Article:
publication date: Dec. 13, 2019

Drugs & Targets

FDA issues draft guidance to foster pediatric oncology product development

FDA issued a draft guidance document, “FDARA Implementation Guidance for Pediatric Studies of Molecularly Targeted Oncology Drugs: Amendments to Sec. 505B of the FD&C Act.”

The draft guidance addresses early planning for pediatric evaluation of molecularly targeted oncology drugs for which original new drug applications and biologics license applications are expected to be submitted to the FDA on or after Aug. 18, 2020, in accordance with section 505B of the Federal Food, Drug, and Cosmetic Act (FD&C Act), which was amended by the FDA Reauthorization Act of 2017 (FDARA).

The draft guidance provides the pharmaceutical industry, clinical investigators and institutional review boards with information to facilitate pediatric studies of molecularly targeted oncology drugs.

Specifically, if an original NDA or BLA is for a new active ingredient, and the drug that is the subject of the application is intended for treatment of an adult cancer and directed at a molecular target the FDA determines to be substantially relevant to the growth or progression of a pediatric cancer, reports on the required molecularly targeted pediatric cancer investigation must be submitted with the marketing application, unless this requirement is waived or deferred.

The draft guidance describes lists, which the FDA sometimes refers to as “The Relevant Molecular Target List” and “The Non-Relevant Molecular Target Leading to Waiver List,” that the FDA plans to update regularly, and that are intended to serve as a guide to sponsors as they consider development plans for new targeted drugs and the need for early pediatric assessments.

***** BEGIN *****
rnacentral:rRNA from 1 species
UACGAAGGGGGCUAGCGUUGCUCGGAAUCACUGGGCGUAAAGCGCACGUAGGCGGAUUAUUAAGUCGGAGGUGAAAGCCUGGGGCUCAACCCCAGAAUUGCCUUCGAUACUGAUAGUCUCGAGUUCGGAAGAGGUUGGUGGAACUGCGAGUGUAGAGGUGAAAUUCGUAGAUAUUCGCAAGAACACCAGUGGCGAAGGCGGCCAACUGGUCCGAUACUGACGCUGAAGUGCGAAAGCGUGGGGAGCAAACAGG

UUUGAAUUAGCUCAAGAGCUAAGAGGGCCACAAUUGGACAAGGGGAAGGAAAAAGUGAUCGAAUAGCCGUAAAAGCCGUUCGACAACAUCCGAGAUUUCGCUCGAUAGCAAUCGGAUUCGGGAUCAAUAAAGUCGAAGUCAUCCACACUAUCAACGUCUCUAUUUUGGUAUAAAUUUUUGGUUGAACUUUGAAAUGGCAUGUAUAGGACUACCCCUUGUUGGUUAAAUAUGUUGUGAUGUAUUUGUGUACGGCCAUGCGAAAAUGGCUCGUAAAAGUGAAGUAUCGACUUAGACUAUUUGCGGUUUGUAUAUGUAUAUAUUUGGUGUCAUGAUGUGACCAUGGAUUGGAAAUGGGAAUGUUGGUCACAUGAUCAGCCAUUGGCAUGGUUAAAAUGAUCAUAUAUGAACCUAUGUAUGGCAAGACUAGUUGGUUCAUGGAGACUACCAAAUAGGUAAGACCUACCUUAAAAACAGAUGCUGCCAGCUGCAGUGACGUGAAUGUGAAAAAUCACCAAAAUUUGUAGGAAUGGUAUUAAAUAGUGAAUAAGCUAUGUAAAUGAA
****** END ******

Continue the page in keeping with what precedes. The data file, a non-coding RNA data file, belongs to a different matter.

“Traditionally, drug development for pediatric cancers lagged, in part, because the requirements to study new cancer drugs in children have been based on whether the cancer occurs in children — and many adult cancers rarely occur in children,” Acting FDA Commissioner Adm. Brett P. Giroir said in a statement. “New, targeted oncology drugs being developed for adult cancers may prove effective in the treatment of some cancers occurring primarily in pediatric patients with similar molecular targets.

“Thanks to amendments to the Federal Food, Drug, and Cosmetic Act made by the FDA Reauthorization Act of 2017, we have a new mechanism to require the evaluation of certain novel cancer medicines for potential pediatric treatment. Our new draft guidance addresses implementation of these amendments, which we anticipate will facilitate early pediatric assessment of certain targeted cancer drugs and accelerate the development of new, safe and effective therapies for pediatric patients.”

 

FDA approves Avsola for same indications as Remicade

FDA approved Avsola (infliximab-axxq) for all approved indications of the reference product, Remicade (infliximab), including treatment of moderate-to-severe rheumatoid arthritis, moderate-to-severe Crohn’s Disease in the adult and pediatric population, moderate-to-severe ulcerative colitis in the adult and pediatric population, chronic severe plaque psoriasis, psoriatic arthritis and ankylosing spondylitis.

Avsola is sponsored by Amgen.

Avsola, an anti-tumor necrosis factor alpha monoclonal antibody, was proven to be highly similar to Remicade with no clinically meaningful differences based on a totality of evidence which included comparative analytical, nonclinical and clinical data. The data package was composed of, in part, results from a pharmacokinetic similarity study conducted in healthy subjects, and a comparative clinical study conducted in patients with moderate to severe RA.